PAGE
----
Majority of clients using Winnipeg safe space are young Indigenous men and boys
'We have seen a rise in men involved in exploitation,' says outreach worker at Tina's Safe Haven
A drop-in safe space created in honour of slain teen Tina Fontaine has been full almost every night since it opened late last year — and the majority of its clients are young Indigenous men and boys, staff say.
Workers at Tina's Safe Haven — a 24/7 safe space for youth on Winnipeg's Selkirk Avenue — say on any given night, young men and boys use 60 per cent of the 50 spaces they have.
"We have seen a rise in men involved in exploitation — and we're talking about young men, 17, 18, and 19 years old," said Debbie Cumby, an outreach worker with Ndinawe. The non-profit organization, which works with at-risk youth, runs Tina's Safe Haven.
The safe house, which opened in November 2018, was named after 15-year-old Tina Fontaine, whose body was pulled from the Red River in August 2014. The girl's killing made national headlines and helped spark a national inquiry into missing and murdered Indigenous women and girls.
Even years before that, though, Ndinawe was calling for a 24/7 drop-in space for young people.
Tina's Safe Space is unique in the city as a 24/7 drop-in. There are other options for young people who need a safe space overnight, such as the West End 24 Hour Safe Space for Youth on Langside Street, and Rossbrook House on Ross Avenue — but those drop-in spaces are only open on weekends during the school year.
Cumby said what many people might not know is that most of the kids who need a place to sleep every night in Winnipeg are young Indigenous men — some of whom are fighting addiction to drugs like meth, which is cheap and keeps them awake at night.
"You end up depressed, homeless, and you have five bucks, so you get high on meth and you can be high for the rest of the day, and not have to worry about shit [like] being murdered or raped," Cumby said.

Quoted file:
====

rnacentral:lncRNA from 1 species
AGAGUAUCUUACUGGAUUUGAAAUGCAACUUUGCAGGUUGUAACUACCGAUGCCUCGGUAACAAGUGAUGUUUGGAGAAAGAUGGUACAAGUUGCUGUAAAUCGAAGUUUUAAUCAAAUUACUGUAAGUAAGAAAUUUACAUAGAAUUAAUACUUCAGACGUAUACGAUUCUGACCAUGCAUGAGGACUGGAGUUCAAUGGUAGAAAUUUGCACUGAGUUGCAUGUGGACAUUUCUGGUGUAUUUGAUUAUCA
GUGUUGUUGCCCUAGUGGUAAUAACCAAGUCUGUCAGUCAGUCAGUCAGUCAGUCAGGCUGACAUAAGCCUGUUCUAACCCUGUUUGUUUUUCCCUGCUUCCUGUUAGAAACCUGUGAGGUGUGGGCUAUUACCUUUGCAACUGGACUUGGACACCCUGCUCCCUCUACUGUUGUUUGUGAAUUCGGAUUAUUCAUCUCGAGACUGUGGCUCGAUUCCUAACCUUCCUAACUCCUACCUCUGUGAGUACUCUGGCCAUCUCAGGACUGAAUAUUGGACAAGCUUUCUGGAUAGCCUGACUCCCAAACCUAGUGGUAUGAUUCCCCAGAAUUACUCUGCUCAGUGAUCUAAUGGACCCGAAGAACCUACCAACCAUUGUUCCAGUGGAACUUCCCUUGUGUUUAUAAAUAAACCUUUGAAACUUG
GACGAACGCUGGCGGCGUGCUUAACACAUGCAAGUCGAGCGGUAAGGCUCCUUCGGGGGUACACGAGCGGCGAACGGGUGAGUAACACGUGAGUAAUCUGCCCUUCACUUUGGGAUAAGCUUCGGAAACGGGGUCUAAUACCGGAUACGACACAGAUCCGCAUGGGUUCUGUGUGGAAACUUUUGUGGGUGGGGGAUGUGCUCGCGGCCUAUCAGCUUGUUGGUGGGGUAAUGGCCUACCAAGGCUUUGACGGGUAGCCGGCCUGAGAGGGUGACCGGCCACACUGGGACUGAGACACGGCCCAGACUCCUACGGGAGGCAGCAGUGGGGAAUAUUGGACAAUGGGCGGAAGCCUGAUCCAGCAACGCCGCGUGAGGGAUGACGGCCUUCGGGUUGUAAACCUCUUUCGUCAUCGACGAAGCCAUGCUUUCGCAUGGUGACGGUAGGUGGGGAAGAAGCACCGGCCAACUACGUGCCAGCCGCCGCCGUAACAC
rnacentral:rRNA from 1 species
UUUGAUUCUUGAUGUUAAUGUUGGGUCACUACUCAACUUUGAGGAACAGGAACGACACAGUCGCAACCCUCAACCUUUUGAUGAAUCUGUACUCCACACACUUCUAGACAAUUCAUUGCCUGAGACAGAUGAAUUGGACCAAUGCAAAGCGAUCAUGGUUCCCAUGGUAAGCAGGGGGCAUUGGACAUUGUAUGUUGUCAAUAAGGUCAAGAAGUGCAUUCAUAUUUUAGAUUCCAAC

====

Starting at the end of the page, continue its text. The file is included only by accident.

'There was very little help for me'
Ryan Beardy knows what it's like to try to find a safe space when you live on the streets.
"You need to be resourceful for yourself, and that's the sad part," said Beardy, who works with GAIN — the Gang Action Interagency Network. The network of non-profits, government agencies and law enforcement works to find grassroots solutions to gang issues in Winnipeg.
The 35-year-old Lake St. Martin First Nation man spent two decades in and out of prison. Now he's focused on helping young men who need help getting off the streets or out of gangs.
"I personally meet them in the community. They want a better life for themselves, they want to get out of gangs, they don't want to do drugs," said Beardy.
"I was released from prison almost three years ago, but I've been changing internally for eight years at least. It's a journey — it's a journey for everybody," Beardy said.
"There was very little help for me, there was very little resources, and it took immense strength to get here."
He said while there's been a lot of attention paid to the issues surrounding missing and murdered Indigenous women and girls, he wants people to remember the young men who are struggling too.
"I would say there is not enough space for Indigenous men in terms of healing, in terms of housing, in terms of social programs," he said.
"There's work being done, but there needs to be a lot more."
Beardy plans to expand his outreach to young men at risk of being recruited into gangs. He's currently working with Winnipeg police on an anti-gang video, funded by police, to be shown inside schools.
He has a message for youth who need help.
"I would say don't give up, and ask for help," he said. "I know it's difficult but you can find passion. You can set goals and have dreams."
More beds needed
Ndinawe's Cumby says the city needs more licensed shelter beds for youth, as the number of boys seeking refuge at Tina's Safe Haven continues to rise.
She said she sees many of them end up living in "toxic" rooming houses as they get older.
"Murder comes hand-in-hand with those rooming houses. A lot of them are violent, toxic environments for anybody to live in," she said. "We need beds, we need more resources, we need more workers out there."
Despite the need for more space, Cumby said they never turn kids away at Tina's Safe Haven.
"This is a very safe place, and we're very resourceful, and non-judgmental."